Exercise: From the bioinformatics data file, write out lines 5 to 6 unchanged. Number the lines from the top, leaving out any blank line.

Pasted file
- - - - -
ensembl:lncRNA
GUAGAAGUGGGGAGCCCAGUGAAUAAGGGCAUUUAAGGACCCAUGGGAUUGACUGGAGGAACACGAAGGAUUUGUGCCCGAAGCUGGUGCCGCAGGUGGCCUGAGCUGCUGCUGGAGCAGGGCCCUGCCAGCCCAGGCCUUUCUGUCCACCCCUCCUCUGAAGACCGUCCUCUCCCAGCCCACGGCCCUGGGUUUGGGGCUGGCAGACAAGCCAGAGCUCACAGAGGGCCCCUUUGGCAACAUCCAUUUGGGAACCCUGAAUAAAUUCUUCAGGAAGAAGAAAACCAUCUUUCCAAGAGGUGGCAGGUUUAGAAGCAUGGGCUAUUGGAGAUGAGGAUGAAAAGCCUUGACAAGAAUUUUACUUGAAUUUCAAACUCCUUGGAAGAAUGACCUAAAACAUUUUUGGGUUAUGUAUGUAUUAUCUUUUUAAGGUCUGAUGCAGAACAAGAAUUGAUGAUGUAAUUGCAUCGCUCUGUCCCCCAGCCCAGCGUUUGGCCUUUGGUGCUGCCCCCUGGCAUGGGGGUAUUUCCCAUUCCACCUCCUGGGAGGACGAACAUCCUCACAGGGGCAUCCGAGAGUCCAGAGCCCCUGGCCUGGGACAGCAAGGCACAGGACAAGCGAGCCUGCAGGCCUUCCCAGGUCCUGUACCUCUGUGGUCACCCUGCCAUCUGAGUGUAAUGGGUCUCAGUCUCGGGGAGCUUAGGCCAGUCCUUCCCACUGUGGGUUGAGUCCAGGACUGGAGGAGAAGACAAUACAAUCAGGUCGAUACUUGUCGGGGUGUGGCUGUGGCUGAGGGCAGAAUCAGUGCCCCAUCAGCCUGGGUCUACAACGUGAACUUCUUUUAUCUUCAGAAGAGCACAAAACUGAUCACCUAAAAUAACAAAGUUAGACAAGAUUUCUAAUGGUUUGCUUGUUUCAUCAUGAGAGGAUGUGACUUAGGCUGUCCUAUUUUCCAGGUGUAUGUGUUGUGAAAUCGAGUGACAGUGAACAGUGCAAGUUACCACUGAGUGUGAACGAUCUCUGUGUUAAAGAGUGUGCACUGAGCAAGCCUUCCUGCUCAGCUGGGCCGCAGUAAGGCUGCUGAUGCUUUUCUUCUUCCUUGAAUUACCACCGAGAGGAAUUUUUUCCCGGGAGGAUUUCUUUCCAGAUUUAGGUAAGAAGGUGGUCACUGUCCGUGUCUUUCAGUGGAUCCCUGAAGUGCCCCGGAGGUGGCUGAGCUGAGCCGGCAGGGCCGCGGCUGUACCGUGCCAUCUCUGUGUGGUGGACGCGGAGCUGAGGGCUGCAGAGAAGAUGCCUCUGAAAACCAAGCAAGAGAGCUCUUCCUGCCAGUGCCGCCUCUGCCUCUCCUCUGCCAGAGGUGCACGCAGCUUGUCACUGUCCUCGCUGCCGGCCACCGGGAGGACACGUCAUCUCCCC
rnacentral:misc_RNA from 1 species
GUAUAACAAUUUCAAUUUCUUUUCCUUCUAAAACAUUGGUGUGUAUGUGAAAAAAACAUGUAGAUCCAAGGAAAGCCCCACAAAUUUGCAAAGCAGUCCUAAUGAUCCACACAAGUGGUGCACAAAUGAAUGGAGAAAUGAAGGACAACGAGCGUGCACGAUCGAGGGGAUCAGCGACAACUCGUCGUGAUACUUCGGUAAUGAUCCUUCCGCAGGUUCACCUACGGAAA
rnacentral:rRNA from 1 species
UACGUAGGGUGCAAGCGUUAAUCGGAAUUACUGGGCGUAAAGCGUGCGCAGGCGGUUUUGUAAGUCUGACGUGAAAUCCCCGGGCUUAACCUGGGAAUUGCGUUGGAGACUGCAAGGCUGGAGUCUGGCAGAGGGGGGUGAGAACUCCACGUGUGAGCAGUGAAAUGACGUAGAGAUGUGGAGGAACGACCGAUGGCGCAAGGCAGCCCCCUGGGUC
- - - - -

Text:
rnacentral:rRNA from 1 species
UACGUAGGGUGCAAGCGUUAAUCGGAAUUACUGGGCGUAAAGCGUGCGCAGGCGGUUUUGUAAGUCUGACGUGAAAUCCCCGGGCUUAACCUGGGAAUUGCGUUGGAGACUGCAAGGCUGGAGUCUGGCAGAGGGGGGUGAGAACUCCACGUGUGAGCAGUGAAAUGACGUAGAGAUGUGGAGGAACGACCGAUGGCGCAAGGCAGCCCCCUGGGUC